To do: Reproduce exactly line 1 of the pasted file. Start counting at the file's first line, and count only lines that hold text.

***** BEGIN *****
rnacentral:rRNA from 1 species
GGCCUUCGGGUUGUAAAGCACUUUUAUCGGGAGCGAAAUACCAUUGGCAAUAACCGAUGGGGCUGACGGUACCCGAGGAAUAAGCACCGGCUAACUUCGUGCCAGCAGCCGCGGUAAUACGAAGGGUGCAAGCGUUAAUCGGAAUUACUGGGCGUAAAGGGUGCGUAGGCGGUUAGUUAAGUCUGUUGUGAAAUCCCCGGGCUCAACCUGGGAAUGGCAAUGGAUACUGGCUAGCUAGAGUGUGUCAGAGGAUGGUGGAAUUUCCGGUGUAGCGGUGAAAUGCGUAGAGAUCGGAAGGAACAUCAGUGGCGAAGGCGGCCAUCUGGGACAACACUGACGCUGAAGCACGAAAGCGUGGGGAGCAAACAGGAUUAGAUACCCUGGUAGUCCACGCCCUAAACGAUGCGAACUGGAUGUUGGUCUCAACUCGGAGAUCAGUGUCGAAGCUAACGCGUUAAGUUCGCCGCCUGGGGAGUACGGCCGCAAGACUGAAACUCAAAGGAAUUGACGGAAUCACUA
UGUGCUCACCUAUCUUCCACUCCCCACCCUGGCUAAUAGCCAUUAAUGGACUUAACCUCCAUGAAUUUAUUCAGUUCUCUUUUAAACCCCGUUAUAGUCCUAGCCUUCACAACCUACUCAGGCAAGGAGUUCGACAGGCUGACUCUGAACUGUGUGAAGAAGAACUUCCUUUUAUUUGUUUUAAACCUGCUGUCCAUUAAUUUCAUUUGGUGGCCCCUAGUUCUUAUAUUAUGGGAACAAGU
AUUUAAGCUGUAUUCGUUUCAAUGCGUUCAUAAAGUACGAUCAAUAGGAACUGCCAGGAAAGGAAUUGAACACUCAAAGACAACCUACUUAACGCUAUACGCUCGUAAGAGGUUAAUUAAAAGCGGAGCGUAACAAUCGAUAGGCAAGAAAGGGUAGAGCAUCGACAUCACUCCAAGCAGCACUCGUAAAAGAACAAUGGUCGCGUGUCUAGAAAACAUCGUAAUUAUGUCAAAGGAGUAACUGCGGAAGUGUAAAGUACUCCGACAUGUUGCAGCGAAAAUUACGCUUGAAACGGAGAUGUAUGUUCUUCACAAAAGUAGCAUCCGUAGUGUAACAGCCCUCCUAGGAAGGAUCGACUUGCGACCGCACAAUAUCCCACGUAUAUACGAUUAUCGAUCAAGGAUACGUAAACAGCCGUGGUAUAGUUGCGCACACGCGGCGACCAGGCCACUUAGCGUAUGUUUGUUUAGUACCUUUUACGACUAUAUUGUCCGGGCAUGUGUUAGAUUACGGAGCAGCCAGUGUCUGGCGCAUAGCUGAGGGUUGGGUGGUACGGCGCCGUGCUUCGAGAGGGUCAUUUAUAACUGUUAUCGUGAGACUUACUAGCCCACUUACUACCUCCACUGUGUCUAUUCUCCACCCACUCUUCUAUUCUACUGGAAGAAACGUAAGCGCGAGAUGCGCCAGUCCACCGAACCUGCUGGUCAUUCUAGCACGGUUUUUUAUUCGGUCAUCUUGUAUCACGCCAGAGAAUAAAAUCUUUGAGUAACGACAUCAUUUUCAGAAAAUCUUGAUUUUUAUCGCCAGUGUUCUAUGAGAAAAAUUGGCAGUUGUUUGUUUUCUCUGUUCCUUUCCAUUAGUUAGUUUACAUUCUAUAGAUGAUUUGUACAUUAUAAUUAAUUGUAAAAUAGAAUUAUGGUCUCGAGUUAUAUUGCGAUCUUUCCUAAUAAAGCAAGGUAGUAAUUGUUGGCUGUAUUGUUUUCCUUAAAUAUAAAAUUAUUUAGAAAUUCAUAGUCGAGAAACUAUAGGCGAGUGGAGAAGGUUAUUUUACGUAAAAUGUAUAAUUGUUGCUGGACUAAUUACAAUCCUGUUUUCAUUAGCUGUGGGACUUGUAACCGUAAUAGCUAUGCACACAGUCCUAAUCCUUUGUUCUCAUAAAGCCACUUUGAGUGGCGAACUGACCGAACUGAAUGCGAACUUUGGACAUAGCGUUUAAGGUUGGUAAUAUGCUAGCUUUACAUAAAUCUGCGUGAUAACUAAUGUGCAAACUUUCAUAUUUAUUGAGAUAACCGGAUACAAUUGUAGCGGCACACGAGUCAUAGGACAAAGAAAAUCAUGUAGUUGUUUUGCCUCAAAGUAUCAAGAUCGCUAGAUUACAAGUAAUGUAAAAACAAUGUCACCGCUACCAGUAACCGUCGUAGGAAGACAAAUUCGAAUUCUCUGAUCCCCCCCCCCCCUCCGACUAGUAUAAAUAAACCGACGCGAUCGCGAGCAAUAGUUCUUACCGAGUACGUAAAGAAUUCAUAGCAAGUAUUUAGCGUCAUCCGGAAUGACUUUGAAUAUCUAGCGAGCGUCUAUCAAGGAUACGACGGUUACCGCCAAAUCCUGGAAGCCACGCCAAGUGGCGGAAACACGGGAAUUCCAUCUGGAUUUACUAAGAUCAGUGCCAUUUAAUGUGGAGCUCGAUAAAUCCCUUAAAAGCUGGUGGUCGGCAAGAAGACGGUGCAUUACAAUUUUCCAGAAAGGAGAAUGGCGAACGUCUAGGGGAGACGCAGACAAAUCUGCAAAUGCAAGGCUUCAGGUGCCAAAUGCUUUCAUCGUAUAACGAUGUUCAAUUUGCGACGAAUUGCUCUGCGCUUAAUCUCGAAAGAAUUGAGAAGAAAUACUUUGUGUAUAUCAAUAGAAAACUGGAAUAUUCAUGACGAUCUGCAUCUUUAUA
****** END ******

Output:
rnacentral:rRNA from 1 species